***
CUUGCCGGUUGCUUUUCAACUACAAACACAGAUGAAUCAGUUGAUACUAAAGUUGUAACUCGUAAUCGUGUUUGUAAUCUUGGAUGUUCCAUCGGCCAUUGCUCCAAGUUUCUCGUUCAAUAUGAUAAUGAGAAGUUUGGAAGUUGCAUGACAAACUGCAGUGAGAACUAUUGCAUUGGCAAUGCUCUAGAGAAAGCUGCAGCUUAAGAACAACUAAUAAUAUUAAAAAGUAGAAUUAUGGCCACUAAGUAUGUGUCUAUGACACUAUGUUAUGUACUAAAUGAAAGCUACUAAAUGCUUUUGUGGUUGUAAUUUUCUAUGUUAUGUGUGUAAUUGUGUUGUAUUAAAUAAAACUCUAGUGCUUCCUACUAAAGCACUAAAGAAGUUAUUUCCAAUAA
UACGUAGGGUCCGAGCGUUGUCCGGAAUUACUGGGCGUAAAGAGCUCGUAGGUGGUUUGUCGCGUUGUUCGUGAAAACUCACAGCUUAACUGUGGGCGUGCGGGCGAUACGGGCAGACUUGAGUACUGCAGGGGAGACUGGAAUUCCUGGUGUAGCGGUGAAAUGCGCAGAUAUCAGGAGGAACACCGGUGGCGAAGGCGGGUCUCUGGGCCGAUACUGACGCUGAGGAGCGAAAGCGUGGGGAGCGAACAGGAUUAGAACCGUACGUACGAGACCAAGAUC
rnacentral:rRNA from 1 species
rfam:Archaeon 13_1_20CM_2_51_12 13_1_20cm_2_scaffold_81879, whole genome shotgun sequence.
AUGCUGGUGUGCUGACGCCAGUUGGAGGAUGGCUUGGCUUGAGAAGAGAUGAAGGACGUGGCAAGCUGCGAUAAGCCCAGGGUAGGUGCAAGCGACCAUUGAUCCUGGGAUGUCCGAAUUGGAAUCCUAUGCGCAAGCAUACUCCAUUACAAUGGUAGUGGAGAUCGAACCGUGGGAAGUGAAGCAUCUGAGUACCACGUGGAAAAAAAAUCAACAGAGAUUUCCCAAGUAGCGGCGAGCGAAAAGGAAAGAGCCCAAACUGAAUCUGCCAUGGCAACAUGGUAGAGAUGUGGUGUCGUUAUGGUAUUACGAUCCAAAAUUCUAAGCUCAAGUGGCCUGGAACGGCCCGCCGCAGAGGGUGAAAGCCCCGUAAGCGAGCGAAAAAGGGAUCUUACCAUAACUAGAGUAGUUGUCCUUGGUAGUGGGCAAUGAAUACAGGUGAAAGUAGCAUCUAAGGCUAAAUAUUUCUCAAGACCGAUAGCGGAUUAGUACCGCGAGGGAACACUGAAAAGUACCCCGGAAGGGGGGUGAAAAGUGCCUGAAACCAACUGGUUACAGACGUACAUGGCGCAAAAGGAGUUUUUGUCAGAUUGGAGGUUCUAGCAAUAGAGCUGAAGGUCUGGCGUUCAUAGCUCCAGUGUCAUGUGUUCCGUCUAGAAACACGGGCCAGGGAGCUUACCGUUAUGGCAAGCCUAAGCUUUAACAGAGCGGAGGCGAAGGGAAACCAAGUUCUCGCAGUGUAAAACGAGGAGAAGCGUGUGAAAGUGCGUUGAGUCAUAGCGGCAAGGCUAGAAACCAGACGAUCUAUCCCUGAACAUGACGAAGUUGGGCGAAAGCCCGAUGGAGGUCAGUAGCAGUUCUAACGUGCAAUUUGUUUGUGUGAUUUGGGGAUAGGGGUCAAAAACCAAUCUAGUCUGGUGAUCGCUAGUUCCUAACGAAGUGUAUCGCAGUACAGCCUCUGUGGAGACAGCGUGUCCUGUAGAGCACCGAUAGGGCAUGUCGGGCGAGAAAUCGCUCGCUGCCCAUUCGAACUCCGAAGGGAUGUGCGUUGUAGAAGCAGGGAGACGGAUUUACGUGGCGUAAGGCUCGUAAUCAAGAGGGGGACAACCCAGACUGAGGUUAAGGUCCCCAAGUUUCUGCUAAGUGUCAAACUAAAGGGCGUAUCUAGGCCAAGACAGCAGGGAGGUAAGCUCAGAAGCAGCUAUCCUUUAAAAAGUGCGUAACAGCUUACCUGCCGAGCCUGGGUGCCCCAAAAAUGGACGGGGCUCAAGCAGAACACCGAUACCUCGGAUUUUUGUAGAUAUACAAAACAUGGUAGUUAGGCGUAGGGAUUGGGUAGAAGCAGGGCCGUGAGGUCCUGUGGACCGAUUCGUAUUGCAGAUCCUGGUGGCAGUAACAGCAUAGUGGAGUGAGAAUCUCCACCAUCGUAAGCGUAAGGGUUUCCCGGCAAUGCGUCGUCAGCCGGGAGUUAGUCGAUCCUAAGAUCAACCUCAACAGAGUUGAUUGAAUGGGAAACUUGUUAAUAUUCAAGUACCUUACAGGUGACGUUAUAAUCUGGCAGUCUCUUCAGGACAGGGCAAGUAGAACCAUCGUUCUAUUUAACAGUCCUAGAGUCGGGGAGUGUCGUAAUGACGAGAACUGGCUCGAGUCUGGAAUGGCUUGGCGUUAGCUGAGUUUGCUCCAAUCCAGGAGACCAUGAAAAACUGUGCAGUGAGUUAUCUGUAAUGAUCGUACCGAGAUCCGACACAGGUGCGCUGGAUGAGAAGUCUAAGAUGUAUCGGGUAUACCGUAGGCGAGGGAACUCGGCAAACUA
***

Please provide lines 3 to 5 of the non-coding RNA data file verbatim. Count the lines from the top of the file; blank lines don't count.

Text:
rnacentral:rRNA from 1 species
rfam:Archaeon 13_1_20CM_2_51_12 13_1_20cm_2_scaffold_81879, whole genome shotgun sequence.
AUGCUGGUGUGCUGACGCCAGUUGGAGGAUGGCUUGGCUUGAGAAGAGAUGAAGGACGUGGCAAGCUGCGAUAAGCCCAGGGUAGGUGCAAGCGACCAUUGAUCCUGGGAUGUCCGAAUUGGAAUCCUAUGCGCAAGCAUACUCCAUUACAAUGGUAGUGGAGAUCGAACCGUGGGAAGUGAAGCAUCUGAGUACCACGUGGAAAAAAAAUCAACAGAGAUUUCCCAAGUAGCGGCGAGCGAAAAGGAAAGAGCCCAAACUGAAUCUGCCAUGGCAACAUGGUAGAGAUGUGGUGUCGUUAUGGUAUUACGAUCCAAAAUUCUAAGCUCAAGUGGCCUGGAACGGCCCGCCGCAGAGGGUGAAAGCCCCGUAAGCGAGCGAAAAAGGGAUCUUACCAUAACUAGAGUAGUUGUCCUUGGUAGUGGGCAAUGAAUACAGGUGAAAGUAGCAUCUAAGGCUAAAUAUUUCUCAAGACCGAUAGCGGAUUAGUACCGCGAGGGAACACUGAAAAGUACCCCGGAAGGGGGGUGAAAAGUGCCUGAAACCAACUGGUUACAGACGUACAUGGCGCAAAAGGAGUUUUUGUCAGAUUGGAGGUUCUAGCAAUAGAGCUGAAGGUCUGGCGUUCAUAGCUCCAGUGUCAUGUGUUCCGUCUAGAAACACGGGCCAGGGAGCUUACCGUUAUGGCAAGCCUAAGCUUUAACAGAGCGGAGGCGAAGGGAAACCAAGUUCUCGCAGUGUAAAACGAGGAGAAGCGUGUGAAAGUGCGUUGAGUCAUAGCGGCAAGGCUAGAAACCAGACGAUCUAUCCCUGAACAUGACGAAGUUGGGCGAAAGCCCGAUGGAGGUCAGUAGCAGUUCUAACGUGCAAUUUGUUUGUGUGAUUUGGGGAUAGGGGUCAAAAACCAAUCUAGUCUGGUGAUCGCUAGUUCCUAACGAAGUGUAUCGCAGUACAGCCUCUGUGGAGACAGCGUGUCCUGUAGAGCACCGAUAGGGCAUGUCGGGCGAGAAAUCGCUCGCUGCCCAUUCGAACUCCGAAGGGAUGUGCGUUGUAGAAGCAGGGAGACGGAUUUACGUGGCGUAAGGCUCGUAAUCAAGAGGGGGACAACCCAGACUGAGGUUAAGGUCCCCAAGUUUCUGCUAAGUGUCAAACUAAAGGGCGUAUCUAGGCCAAGACAGCAGGGAGGUAAGCUCAGAAGCAGCUAUCCUUUAAAAAGUGCGUAACAGCUUACCUGCCGAGCCUGGGUGCCCCAAAAAUGGACGGGGCUCAAGCAGAACACCGAUACCUCGGAUUUUUGUAGAUAUACAAAACAUGGUAGUUAGGCGUAGGGAUUGGGUAGAAGCAGGGCCGUGAGGUCCUGUGGACCGAUUCGUAUUGCAGAUCCUGGUGGCAGUAACAGCAUAGUGGAGUGAGAAUCUCCACCAUCGUAAGCGUAAGGGUUUCCCGGCAAUGCGUCGUCAGCCGGGAGUUAGUCGAUCCUAAGAUCAACCUCAACAGAGUUGAUUGAAUGGGAAACUUGUUAAUAUUCAAGUACCUUACAGGUGACGUUAUAAUCUGGCAGUCUCUUCAGGACAGGGCAAGUAGAACCAUCGUUCUAUUUAACAGUCCUAGAGUCGGGGAGUGUCGUAAUGACGAGAACUGGCUCGAGUCUGGAAUGGCUUGGCGUUAGCUGAGUUUGCUCCAAUCCAGGAGACCAUGAAAAACUGUGCAGUGAGUUAUCUGUAAUGAUCGUACCGAGAUCCGACACAGGUGCGCUGGAUGAGAAGUCUAAGAUGUAUCGGGUAUACCGUAGGCGAGGGAACUCGGCAAACUA